Lynch Joins P.A. James in Strategic “Firsts” for African-American Women and American History
Public Advocate Letitia A. James, the highest-ranking woman in New York City politics and the first Black woman to ever hold the title of Public Advocate, roundly congratulated Harvard-educated Loretta Lynch on her confirmation as the top law enforcement official in the United States, and being the first African-American woman to serve as the United States’ 83rd U.S. Attorney General.
Ms. James said, “Loretta Lynch is an experienced and exceptional leader who has demonstrated a mastery of our criminal justice system, and I congratulate her on her confirmation as the next U.S. Attorney General”, in a statement issued immediately following the confirmation on Thursday, April 23.
Ms. Lynch, 55, a North Carolina native, served as a U.S. Attorney for the Eastern District of New York with offices in Brooklyn. Last Thursday, April 23 she was nominated by the Senate by a vote of 56-43, ending a five-month partisan deadlock over her nomination by President Barack Obama. She replaces Eric Holder, who left the position Friday after serving as attorney general for six years.
She was sworn in this past Monday (27) by Vice President Joe Biden at a Justice Department ceremony before friends and family, lawyers and supporters. During the proceedings, Lynch pledged that the agency would “use justice as our compass” in confronting terrorism, cyberattacks and other threats facing the country.
“We can imbue our criminal justice system with both strength and fairness, for the protection of both the needs of victims and the rights of all. We can restore trust and faith both in our laws and in those of us who enforce them,” Lynch said.
Biden said Lynch had shown grace during the months-long confirmation process, in which her nomination became caught up in Congress in a dispute over human trafficking legislation. He also acknowledged her strong professional background and her personal story as the daughter of a librarian mother and a fourth-generation Baptist preacher who would take his daughter to the courthouse to observe important cases.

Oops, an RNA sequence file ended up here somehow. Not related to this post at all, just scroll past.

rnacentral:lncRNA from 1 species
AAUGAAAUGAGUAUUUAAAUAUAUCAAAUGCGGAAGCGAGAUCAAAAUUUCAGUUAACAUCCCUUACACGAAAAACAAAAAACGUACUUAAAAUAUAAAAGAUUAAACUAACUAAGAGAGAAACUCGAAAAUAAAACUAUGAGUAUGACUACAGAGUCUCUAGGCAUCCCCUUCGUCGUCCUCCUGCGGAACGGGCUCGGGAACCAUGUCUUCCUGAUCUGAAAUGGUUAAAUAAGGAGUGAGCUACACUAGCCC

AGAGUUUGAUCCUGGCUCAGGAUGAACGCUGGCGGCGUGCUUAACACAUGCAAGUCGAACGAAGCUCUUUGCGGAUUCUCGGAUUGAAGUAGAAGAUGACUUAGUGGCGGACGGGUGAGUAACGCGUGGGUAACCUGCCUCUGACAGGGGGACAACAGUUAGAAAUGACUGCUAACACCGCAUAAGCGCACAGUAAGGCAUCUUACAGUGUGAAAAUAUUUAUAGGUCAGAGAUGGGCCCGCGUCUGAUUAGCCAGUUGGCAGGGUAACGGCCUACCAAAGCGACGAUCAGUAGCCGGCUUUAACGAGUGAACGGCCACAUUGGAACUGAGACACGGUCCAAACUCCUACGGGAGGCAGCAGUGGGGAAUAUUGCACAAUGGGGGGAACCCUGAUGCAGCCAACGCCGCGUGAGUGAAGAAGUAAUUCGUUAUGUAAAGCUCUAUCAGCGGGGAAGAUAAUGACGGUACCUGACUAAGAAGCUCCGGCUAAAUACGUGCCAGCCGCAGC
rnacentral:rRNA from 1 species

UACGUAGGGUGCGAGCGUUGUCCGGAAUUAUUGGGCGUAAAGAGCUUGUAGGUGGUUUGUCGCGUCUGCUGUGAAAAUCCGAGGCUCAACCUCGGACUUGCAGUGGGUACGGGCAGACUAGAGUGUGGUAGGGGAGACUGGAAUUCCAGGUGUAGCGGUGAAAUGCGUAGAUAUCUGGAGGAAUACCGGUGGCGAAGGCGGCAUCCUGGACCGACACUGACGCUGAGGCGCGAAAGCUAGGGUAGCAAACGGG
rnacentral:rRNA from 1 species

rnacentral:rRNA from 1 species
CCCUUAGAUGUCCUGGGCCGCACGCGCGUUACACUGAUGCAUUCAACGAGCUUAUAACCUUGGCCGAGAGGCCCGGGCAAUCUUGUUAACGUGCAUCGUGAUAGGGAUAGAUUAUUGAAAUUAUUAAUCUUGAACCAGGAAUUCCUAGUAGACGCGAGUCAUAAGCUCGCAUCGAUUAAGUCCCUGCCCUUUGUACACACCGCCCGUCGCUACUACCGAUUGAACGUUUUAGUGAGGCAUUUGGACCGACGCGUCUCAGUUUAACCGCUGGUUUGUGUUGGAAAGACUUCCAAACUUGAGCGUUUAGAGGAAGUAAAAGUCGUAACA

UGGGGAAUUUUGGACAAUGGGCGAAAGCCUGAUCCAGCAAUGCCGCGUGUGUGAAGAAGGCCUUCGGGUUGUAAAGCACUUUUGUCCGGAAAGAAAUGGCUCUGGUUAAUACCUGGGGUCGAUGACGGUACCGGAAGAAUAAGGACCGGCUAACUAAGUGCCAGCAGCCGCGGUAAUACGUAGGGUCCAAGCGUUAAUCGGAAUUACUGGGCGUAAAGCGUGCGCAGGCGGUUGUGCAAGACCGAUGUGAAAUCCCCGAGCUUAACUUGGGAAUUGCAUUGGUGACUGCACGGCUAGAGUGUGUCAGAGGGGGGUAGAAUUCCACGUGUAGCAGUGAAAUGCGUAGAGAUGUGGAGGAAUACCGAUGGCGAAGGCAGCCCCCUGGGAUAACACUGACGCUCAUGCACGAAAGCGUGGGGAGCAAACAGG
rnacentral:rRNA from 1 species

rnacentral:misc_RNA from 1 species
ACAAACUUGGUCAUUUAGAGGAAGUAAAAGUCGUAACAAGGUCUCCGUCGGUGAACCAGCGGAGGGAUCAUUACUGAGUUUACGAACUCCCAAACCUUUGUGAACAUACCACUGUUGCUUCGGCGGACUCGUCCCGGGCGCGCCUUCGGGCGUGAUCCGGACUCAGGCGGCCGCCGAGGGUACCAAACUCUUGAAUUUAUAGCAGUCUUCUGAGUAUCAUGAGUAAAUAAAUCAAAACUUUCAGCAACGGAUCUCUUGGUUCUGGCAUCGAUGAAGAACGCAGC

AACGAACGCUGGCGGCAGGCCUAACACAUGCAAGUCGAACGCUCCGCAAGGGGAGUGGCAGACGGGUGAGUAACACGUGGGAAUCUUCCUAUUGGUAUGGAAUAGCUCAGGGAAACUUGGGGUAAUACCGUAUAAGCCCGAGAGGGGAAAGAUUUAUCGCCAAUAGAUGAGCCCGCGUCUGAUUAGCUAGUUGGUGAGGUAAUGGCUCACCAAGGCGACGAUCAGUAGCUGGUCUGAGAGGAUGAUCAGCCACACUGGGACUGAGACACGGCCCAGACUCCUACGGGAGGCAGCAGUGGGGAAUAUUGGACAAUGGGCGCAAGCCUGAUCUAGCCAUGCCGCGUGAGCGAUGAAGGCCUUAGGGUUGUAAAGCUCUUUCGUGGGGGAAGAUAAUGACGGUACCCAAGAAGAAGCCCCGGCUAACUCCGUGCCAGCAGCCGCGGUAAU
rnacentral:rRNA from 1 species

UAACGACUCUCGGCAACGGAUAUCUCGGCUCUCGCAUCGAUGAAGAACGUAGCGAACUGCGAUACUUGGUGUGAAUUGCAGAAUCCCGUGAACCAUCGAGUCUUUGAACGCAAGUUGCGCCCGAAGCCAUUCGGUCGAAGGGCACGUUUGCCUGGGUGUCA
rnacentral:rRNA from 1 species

She had waited for a vote longer than the last seven attorneys general combined. She was confirmed 166 days after she was first nominated for the post. Two other attorney generals waited longer: Edwin Meese, 386 days, confirmed under President Ronald Reagan, and Mitchell Palmer, 182 days, during the Woodrow Wilson Administration.
“As the first woman of color to hold this position, Ms. Lynch understands the complex challenges facing diverse communities across our nation,” referencing the new U.S. Attorney General’s becoming the first black woman to occupy the post at a time when deadly altercations between white police and unarmed black men are making global headlines.
President Obama said, “America will be better off for (Lynch’s nomination)”, adding, “ (and) as head of the Justice Department, she will oversee a vast portfolio of cases including counterterrorism and voting rights; public corruption and white-collar crime; judicial recommendations and policy reviews – all of which matter to the lives of every American and shapes the story of our country.”
Ten Republicans voted for Lynch, including Senate Majority Leader Mitch McConnell. Of the Republicans who backed her, four are up for reelection next year, three of them from states with big cities that have large African-American populations.
As attorney general, she will most likely confront civil rights cases stemming from police altercations in several U.S. cities and also faces financial cases alleging some of the world’s largest banks helped clients evade U.S. taxes and manipulated currency markets.
P.A. James said, “I am glad Senate Republicans finally got past their personal, petty politics so that Ms. Lynch can get to work”.